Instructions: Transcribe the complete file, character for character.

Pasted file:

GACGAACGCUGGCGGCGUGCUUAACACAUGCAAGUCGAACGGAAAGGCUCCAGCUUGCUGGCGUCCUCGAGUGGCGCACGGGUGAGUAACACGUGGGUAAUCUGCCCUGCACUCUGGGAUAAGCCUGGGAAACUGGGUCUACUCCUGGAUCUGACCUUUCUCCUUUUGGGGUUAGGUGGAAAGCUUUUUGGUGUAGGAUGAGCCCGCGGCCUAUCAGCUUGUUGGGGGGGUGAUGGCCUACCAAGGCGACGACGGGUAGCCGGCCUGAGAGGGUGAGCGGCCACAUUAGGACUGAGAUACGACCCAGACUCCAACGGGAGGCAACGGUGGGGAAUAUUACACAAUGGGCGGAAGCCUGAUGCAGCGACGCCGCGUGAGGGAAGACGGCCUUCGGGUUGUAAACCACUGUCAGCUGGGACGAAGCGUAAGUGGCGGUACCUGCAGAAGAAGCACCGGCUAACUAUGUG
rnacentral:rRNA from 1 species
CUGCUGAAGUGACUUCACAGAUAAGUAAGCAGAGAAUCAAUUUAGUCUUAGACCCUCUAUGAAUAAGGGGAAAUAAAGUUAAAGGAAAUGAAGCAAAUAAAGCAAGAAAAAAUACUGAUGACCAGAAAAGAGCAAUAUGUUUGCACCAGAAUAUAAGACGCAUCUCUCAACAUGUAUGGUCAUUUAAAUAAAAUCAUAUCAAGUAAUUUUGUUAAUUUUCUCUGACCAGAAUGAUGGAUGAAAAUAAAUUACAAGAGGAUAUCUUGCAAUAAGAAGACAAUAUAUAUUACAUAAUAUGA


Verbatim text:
GACGAACGCUGGCGGCGUGCUUAACACAUGCAAGUCGAACGGAAAGGCUCCAGCUUGCUGGCGUCCUCGAGUGGCGCACGGGUGAGUAACACGUGGGUAAUCUGCCCUGCACUCUGGGAUAAGCCUGGGAAACUGGGUCUACUCCUGGAUCUGACCUUUCUCCUUUUGGGGUUAGGUGGAAAGCUUUUUGGUGUAGGAUGAGCCCGCGGCCUAUCAGCUUGUUGGGGGGGUGAUGGCCUACCAAGGCGACGACGGGUAGCCGGCCUGAGAGGGUGAGCGGCCACAUUAGGACUGAGAUACGACCCAGACUCCAACGGGAGGCAACGGUGGGGAAUAUUACACAAUGGGCGGAAGCCUGAUGCAGCGACGCCGCGUGAGGGAAGACGGCCUUCGGGUUGUAAACCACUGUCAGCUGGGACGAAGCGUAAGUGGCGGUACCUGCAGAAGAAGCACCGGCUAACUAUGUG
rnacentral:rRNA from 1 species
CUGCUGAAGUGACUUCACAGAUAAGUAAGCAGAGAAUCAAUUUAGUCUUAGACCCUCUAUGAAUAAGGGGAAAUAAAGUUAAAGGAAAUGAAGCAAAUAAAGCAAGAAAAAAUACUGAUGACCAGAAAAGAGCAAUAUGUUUGCACCAGAAUAUAAGACGCAUCUCUCAACAUGUAUGGUCAUUUAAAUAAAAUCAUAUCAAGUAAUUUUGUUAAUUUUCUCUGACCAGAAUGAUGGAUGAAAAUAAAUUACAAGAGGAUAUCUUGCAAUAAGAAGACAAUAUAUAUUACAUAAUAUGA